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Trump wrong about auto plant coming to North Carolina
If Your Time is short
- On at least three occasions, President Trump has suggested that a major auto plant or company is expanding in North Carolina.
- No such plant has been identified by national auto groups, other fact checkers, or the North Carolina Department of Commerce.
- The Trump campaign hasn't responded to inquiries about the President's claim.
To hear President Trump tell it, North Carolina just landed a major automaker.
In a speech at the White House on Labor Day, Trump said North Carolina is getting one of "many auto plants" being built.
He suggested it again during a speech in Michigan on Sept. 10.
And then Oct. 15, Trump declared it again before a television audience of more than 10 million people.
"The reason we’re coming back so strong is because we built a very strong foundation. Companies are moving in. Car companies are moving into Michigan and to Ohio and to South Carolina and North Carolina — just today," Trump said during an NBC Town Hall.
So what is Trump talking about? Is a major auto plant or an auto manufacturer coming to North Carolina?
Not that we could find.
The Washington Post looked into Trump’s claims from Labor Day. The Center for Automotive Research couldn’t substantiate Trump’s statement for the Post, which gave his claim Four Pinocchios.
Inside the state, North Carolina is known for pursuing automakers — and losing out to South Carolina, Georgia and Alabama.
As recently as Sept. 15, the Triangle Business Journal reported that North Carolina is still chasing its first full fledged car assembly plant. By TBJ’s count, North Carolina missed out on ElectraMeccanica in September, as well as Toyota-Mazda, Peugeot, Volvo and Mercedes-Benz — all since 2015.
WRAL TechWire reported that North Carolina’s industrial leaders also recruited Tesla, which picked Texas earlier this year.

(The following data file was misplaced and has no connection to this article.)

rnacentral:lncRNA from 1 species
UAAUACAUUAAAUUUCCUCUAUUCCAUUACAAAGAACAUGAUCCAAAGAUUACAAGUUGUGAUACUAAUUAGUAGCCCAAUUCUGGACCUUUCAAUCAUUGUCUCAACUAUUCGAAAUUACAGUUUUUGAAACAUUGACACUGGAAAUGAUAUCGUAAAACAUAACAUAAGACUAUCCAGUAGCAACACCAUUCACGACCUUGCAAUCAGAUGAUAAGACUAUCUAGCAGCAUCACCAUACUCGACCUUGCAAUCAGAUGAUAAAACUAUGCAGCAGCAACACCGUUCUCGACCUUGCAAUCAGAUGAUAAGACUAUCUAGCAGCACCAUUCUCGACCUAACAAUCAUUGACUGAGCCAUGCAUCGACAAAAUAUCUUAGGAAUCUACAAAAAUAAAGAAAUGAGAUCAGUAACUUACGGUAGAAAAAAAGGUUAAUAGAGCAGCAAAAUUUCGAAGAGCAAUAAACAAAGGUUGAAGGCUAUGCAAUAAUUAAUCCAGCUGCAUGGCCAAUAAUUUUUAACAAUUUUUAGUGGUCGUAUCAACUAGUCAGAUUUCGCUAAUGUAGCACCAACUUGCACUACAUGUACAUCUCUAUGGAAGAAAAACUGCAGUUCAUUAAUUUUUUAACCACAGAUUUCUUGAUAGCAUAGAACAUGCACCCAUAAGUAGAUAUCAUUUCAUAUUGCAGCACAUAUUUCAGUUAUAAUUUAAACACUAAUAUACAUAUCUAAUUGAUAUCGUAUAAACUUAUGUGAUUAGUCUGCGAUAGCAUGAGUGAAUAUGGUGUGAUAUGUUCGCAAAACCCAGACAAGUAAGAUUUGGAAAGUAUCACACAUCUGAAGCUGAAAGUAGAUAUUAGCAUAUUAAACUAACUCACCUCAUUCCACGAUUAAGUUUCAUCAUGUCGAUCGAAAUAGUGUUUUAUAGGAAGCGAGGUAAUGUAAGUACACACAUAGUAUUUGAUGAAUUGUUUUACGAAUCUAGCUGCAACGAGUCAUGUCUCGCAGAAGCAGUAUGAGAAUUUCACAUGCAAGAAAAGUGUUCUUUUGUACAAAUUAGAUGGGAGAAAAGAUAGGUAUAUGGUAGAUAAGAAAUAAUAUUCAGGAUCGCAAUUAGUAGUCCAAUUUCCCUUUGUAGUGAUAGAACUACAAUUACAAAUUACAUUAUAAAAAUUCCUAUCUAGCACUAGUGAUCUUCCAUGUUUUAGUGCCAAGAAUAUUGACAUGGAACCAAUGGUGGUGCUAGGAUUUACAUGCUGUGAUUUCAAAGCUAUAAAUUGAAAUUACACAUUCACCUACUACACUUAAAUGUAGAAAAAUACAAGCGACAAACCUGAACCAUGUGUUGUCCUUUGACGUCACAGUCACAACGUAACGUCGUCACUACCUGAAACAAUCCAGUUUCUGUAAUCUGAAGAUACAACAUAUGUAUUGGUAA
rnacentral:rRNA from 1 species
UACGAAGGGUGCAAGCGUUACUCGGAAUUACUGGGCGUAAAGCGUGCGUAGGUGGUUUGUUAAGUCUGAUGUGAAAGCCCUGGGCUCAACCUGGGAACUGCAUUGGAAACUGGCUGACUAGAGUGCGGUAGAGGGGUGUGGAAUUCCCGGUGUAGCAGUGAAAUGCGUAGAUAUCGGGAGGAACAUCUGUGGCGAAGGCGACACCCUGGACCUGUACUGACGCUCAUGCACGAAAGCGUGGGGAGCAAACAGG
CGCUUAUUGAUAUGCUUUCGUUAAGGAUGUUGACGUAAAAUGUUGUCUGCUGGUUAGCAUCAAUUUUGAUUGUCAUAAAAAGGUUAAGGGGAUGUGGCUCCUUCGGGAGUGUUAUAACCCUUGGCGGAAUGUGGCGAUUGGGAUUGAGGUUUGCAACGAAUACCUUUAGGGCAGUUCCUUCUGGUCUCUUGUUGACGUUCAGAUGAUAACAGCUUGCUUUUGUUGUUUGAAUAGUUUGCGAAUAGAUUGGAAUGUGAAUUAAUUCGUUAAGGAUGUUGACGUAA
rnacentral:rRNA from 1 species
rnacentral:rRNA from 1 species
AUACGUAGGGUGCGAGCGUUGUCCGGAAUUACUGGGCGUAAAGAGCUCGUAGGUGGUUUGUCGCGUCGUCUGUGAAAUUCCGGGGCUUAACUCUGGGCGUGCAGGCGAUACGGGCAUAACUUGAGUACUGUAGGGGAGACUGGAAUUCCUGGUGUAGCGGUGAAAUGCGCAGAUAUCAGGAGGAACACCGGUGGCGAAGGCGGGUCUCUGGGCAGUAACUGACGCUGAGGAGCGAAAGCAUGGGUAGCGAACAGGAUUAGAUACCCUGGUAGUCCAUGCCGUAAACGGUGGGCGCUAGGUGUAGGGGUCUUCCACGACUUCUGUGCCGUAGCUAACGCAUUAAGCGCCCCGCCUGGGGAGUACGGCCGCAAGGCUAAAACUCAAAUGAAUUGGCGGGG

The trend has not gone unnoticed.
"We've wondered about why North Carolina gets onto finalist lists, only to come up short," Miami University professor James Rubenstein, a leading auto industry researcher, told PolitiFact for a separate story.
TBJ reports that North Carolina is under consideration for an Indian SUV maker. However, that project is on hold amid the pandemic.
PolitiFact North Carolina reached out to the state’s Department of Commerce about Trump’s claim.
"We have not recruited an assembly plant since 2017, although North Carolina offers several attractive sites for such a plant and we’re actively in the hunt," David Rhoades, the department’s communications director, said in an email.
Rhoades noted that truck maker Freightliner and school bus maker Thomas Built Buses, both part of Germany’s Daimler AG, have locations in North Carolina that are considered automotive assembly operations. However, they predate Trump’s administration.
And while North Carolina has not landed a major car company of late, Rhoades said the state has successfully recruited manufacturers of auto components.
He provided a spreadsheet showing a total of 44 auto-related manufacturers that have expanded operations in North Carolina since 2019. In 2017, Tristone Flowtech announced 300 jobs in Iredell County and Triangle Tyre announced an 800-job expansion in Edgecombe County. Sonic Automotive announced 500 jobs in Gaston County in 2018, and Bharat Forge Aluminum announced 300 jobs in Lee County last year.
Still, none of those projects live up to the size of Trump’s claim. And neither the White House nor the Trump campaign responded to our requests for clarification.
President Trump recently said an auto "company" or an auto "plant" has opened or would be opening in North Carolina.
This claim stands out in a state that has aggressively pursued automakers, but has so far fallen short.
That’s because it’s not true. Trump’s teams haven’t backed up his claims. Fact checkers can’t find evidence for them. And North Carolina’s Department of Commerce isn’t aware of any new, major automaker opening a plant in the state.
We rate this claim false.
Video, "Donald Trump holds a Labor Day press conference," posted Sept. 7, 2020.
Video, "Donald Trump holds a campaign rally in Freeland, Michigan," posted Sept. 10, 2020.
Video, "Donald Trump Town Hall with voters," posted Oct. 15, 2020.
Email correspondence with David Rhoades, communications director for the North Carolina Department of Commerce.
Story by PolitiFact, "As auto industry plateaus, Donald Trump touts car plants that don’t exist," posted Oct. 22, 2020.
Story by the Washington Post, "Trump keeps bragging about imaginary auto plants in swing states," posted Sept. 10, 2020.
Stories by the Triangle Business Journal, "Rejected again: North Carolina misses out on another automaker," posted Sept. 15, 2020; "With goal of landing big-time automaker, NC has been down this path before," posted Aug. 12, 2019;
Story by WRAL TechWire, "NC loses another auto plant: Tesla picks Austin for new factory, 5,000 jobs," posted July 23, 2020.
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Trump wrong about auto plant coming to North Carolina
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